September 08, 2011
Fired Yahoo! CEO Received $40 Million in 2009
According to Business Week:
Oct. 11 (Bloomberg) -- Yahoo! Inc. Chief Executive Officer Carol Bartz topped a list of executives who are paid too much for running underperforming companies, according to a report by proxy advisory firm Glass Lewis & Co.
Bartz, who joined the company in early 2009, received $39 million last year, according to Glass Lewis, which is based in San Francisco. That was the highest compensation among executives at 25 overpaying companies in the Standard & Poor’s 500 Index, Glass Lewis said today.
To determine whether the company is paying too much, Glass Lewis weighs metrics including stock price, operating cash flow and growth in per-share earnings. Much of Bartz’s compensation included options to purchase stock at prearranged prices in the event the company meets certain targets. The executive aims to combat rising competition from Facebook Inc. and Google Inc. and reverse the slump that’s left sales little changed on her watch.
“Bartz represents a problem we find at many other firms with poor pay-for-performance grades: excessive compensation awarded to executives to encourage them to join or remain with a company,” the report said.
The demeanor presented by the CEO in this interview suggests that that money was likely ill-spent.
Here's a proposal to the Yahoo! board (whom the outgoing CEO labels "doofuses"): I think I could do a better job at 1/10th the compensation. Indeed, I suggest that anyone you hire be limited to 1/10th the compensation, period--perhaps $1 million in salary, and up to $3 million in performance pay.
September 06, 2011
My New Paper: Jasmine Revolutions
My new paper, Jasmine Revolutions, responds directly to Internet Democratization Skeptics. It's forthcoming from the Cornell Law Review. Download it here. Here's the abstract:
Will the Internet help topple tyrants, or will it help further cement their control? Prominent skeptics challenge the notion that the Internet will help rid the world of dictators. They suggest that the Internet will simply serve as a new opiate of the masses, or worse, will assist autocrats in manipulating popular opinion. I defend the liberalizing promise of cyberspace. Where others have set out the value of the Internet to dissidents, I answer the main critiques of that position - that Internet activism is futile, that the Internet is simply the new opiate of the masses, and that autocrats will benefit more from the Internet than dissidents. I argue that dictators have revealed their own appraisals of the Internet: when threatened, they shut it down. Tyrants today fear the Internet more than they benefit from it. This summer’s events again confirmed this truth: On the day when the rebels marched into Tripoli, they restored Libya to the Internet.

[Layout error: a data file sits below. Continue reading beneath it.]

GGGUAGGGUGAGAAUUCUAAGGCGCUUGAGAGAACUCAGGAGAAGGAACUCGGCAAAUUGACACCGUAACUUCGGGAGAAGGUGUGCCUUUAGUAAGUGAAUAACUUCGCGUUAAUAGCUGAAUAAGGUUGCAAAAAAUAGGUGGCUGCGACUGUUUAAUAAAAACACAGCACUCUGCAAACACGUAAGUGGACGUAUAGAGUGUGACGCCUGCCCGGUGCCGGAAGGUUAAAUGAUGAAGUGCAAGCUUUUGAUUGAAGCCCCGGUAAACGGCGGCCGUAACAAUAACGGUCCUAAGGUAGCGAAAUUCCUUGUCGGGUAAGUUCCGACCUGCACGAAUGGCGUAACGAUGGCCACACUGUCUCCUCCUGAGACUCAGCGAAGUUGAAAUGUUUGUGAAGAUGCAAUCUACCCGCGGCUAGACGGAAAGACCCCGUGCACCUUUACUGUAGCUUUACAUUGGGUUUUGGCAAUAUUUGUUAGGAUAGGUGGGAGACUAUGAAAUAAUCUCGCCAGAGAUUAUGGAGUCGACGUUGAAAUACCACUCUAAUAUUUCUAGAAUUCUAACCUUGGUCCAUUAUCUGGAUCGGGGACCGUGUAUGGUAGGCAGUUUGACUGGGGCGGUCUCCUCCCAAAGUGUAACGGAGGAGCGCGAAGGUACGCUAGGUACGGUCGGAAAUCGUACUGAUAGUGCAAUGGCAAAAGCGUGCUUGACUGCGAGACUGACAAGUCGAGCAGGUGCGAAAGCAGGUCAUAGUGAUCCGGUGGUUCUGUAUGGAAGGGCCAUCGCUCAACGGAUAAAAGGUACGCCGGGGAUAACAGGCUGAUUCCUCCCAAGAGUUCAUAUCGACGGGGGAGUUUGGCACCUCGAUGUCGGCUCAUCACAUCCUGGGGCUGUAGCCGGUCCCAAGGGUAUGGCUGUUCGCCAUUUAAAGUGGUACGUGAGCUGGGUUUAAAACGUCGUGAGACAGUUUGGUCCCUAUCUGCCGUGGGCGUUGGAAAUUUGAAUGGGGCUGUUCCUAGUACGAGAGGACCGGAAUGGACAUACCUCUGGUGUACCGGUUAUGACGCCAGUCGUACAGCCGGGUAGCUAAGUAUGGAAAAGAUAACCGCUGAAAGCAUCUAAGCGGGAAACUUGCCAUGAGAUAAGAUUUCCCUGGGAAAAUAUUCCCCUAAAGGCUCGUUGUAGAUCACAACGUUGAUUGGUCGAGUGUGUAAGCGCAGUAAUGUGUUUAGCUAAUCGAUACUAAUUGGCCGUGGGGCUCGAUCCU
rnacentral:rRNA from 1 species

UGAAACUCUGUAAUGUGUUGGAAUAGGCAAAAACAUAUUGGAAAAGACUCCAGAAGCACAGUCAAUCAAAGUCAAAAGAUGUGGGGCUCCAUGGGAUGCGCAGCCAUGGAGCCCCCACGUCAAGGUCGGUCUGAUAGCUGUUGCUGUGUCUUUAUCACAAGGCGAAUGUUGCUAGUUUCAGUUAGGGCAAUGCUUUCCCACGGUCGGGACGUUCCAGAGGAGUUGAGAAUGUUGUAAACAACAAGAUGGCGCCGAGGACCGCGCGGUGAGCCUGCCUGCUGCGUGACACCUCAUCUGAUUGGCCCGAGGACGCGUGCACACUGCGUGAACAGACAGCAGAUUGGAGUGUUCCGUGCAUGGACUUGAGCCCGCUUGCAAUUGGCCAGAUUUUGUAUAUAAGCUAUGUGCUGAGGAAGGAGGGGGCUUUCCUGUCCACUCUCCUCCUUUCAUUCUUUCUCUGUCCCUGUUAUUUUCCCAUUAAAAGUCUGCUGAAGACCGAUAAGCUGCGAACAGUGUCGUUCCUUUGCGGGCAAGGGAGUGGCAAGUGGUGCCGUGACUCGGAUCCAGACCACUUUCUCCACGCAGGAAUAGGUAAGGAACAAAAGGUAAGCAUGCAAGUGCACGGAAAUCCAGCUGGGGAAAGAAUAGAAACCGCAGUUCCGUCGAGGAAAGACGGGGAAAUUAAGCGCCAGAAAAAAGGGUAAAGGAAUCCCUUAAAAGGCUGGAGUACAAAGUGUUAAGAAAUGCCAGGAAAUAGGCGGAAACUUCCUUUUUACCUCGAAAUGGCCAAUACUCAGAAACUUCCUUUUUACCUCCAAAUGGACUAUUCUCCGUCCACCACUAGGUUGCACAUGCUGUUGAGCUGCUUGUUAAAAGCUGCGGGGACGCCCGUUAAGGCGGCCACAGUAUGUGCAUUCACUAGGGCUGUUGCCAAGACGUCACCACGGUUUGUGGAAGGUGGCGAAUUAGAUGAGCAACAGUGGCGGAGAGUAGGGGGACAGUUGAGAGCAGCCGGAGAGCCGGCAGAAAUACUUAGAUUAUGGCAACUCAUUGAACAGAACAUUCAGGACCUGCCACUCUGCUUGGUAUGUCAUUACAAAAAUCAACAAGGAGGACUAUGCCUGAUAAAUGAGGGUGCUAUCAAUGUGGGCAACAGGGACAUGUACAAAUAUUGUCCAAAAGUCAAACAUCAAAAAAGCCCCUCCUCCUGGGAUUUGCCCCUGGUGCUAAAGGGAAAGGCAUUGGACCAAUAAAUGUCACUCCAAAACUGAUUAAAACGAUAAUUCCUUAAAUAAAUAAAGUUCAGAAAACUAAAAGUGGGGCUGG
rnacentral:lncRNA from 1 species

Avoiding MickeyMouse.xxx: The Problem of the ".xxx" Domains
By introducing the new ".xxx" top level domain, ICANN has created a problem for many entities across the world. Should Chander.com worry about Chander.xxx? Should Typepad (the service I use to run this blog) worry about Typepad.xxx?
The keepers of corporate trademarks in many a law department are going to need to have an unusual conversation in the next few weeks: "What should we do about the .xxx domain?"...
But the triple-x domain isn't quite the same as the other gTLDs. And oddly enough, the one it resembles most is .edu. "It's a restricted domain name space, similar to .edu," which can only be used by educational institutions, says Larson. The new gTLD, appropriately enough, is exclusively reserved for the adult industry. And while it's good news that only companies presenting explicit content will be able to buy .xxx URLs, Larson says that "if my brand does get registered as a .xxx domain name, I can be assured it's going be related to content I don't want associated with my brand."
Because of the nature of the content headed for this new web space, the company responsible for administering .xxx has put together an unusual program to help companies protect their brands. Stuart Lawley, chief executive of ICM Registry LLC, says that in addition to the traditional "Sunrise" program that goes along with the launch of a gTLD (during which all URLs are open for application and review), ICM has put together aSunrise B to help companies block their trademarks from turning into unwelcome pornographic sites.
"Most top-level domains have run sunrises, but they mostly offered if you wanted to buy it or not," says Lawley. "Even for defensive purposes, you still had to pay the annual fees on an ongoing basis, even if you didn't want to use the domain. We were very conscious that .xxx isn't for everyone, and lots of people in the mainstream would have no use for it. So we brought about an innovative Sunrise B arrangement: once you prove you own the trademark, we take it out of circulation on a permanent basis. There's no annual fees, and we post a landing page that says it's not available for registration."